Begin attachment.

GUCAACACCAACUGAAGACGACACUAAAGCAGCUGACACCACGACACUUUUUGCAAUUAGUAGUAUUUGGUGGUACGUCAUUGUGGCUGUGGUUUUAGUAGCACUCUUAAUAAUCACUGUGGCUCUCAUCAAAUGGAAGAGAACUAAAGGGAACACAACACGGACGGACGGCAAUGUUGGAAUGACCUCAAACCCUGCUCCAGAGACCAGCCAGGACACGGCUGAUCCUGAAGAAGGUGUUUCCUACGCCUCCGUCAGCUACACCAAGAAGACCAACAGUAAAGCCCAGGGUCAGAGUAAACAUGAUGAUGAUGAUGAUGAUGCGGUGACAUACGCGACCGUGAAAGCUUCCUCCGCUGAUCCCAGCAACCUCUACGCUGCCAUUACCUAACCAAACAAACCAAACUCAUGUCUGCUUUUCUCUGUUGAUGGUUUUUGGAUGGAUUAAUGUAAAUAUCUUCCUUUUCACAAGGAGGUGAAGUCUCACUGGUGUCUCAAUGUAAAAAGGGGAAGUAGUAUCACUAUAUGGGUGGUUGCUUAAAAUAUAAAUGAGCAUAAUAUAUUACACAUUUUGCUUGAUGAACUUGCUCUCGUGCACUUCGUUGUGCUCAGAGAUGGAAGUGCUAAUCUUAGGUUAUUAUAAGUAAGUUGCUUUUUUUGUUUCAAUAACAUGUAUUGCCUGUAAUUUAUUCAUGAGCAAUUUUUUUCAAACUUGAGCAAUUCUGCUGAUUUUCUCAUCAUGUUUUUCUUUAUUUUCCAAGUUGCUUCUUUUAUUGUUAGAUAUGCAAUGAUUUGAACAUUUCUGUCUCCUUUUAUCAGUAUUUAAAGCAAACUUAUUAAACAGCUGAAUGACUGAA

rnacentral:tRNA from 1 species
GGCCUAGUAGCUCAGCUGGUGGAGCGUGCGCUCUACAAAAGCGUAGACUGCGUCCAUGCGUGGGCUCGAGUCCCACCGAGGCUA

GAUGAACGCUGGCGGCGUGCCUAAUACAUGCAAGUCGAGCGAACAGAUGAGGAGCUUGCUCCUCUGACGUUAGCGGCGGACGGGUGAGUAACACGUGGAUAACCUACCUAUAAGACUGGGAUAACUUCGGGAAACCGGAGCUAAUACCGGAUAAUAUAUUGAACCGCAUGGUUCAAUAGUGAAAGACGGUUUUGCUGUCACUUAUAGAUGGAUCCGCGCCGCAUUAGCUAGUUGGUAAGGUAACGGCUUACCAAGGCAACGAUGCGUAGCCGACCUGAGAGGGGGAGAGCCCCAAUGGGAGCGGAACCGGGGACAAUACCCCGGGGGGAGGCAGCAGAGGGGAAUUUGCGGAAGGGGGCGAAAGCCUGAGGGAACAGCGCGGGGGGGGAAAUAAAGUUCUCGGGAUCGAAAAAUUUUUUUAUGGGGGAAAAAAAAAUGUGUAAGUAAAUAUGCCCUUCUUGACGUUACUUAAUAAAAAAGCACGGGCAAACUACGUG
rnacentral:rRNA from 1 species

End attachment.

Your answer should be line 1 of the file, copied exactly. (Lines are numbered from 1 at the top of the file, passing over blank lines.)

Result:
GUCAACACCAACUGAAGACGACACUAAAGCAGCUGACACCACGACACUUUUUGCAAUUAGUAGUAUUUGGUGGUACGUCAUUGUGGCUGUGGUUUUAGUAGCACUCUUAAUAAUCACUGUGGCUCUCAUCAAAUGGAAGAGAACUAAAGGGAACACAACACGGACGGACGGCAAUGUUGGAAUGACCUCAAACCCUGCUCCAGAGACCAGCCAGGACACGGCUGAUCCUGAAGAAGGUGUUUCCUACGCCUCCGUCAGCUACACCAAGAAGACCAACAGUAAAGCCCAGGGUCAGAGUAAACAUGAUGAUGAUGAUGAUGAUGCGGUGACAUACGCGACCGUGAAAGCUUCCUCCGCUGAUCCCAGCAACCUCUACGCUGCCAUUACCUAACCAAACAAACCAAACUCAUGUCUGCUUUUCUCUGUUGAUGGUUUUUGGAUGGAUUAAUGUAAAUAUCUUCCUUUUCACAAGGAGGUGAAGUCUCACUGGUGUCUCAAUGUAAAAAGGGGAAGUAGUAUCACUAUAUGGGUGGUUGCUUAAAAUAUAAAUGAGCAUAAUAUAUUACACAUUUUGCUUGAUGAACUUGCUCUCGUGCACUUCGUUGUGCUCAGAGAUGGAAGUGCUAAUCUUAGGUUAUUAUAAGUAAGUUGCUUUUUUUGUUUCAAUAACAUGUAUUGCCUGUAAUUUAUUCAUGAGCAAUUUUUUUCAAACUUGAGCAAUUCUGCUGAUUUUCUCAUCAUGUUUUUCUUUAUUUUCCAAGUUGCUUCUUUUAUUGUUAGAUAUGCAAUGAUUUGAACAUUUCUGUCUCCUUUUAUCAGUAUUUAAAGCAAACUUAUUAAACAGCUGAAUGACUGAA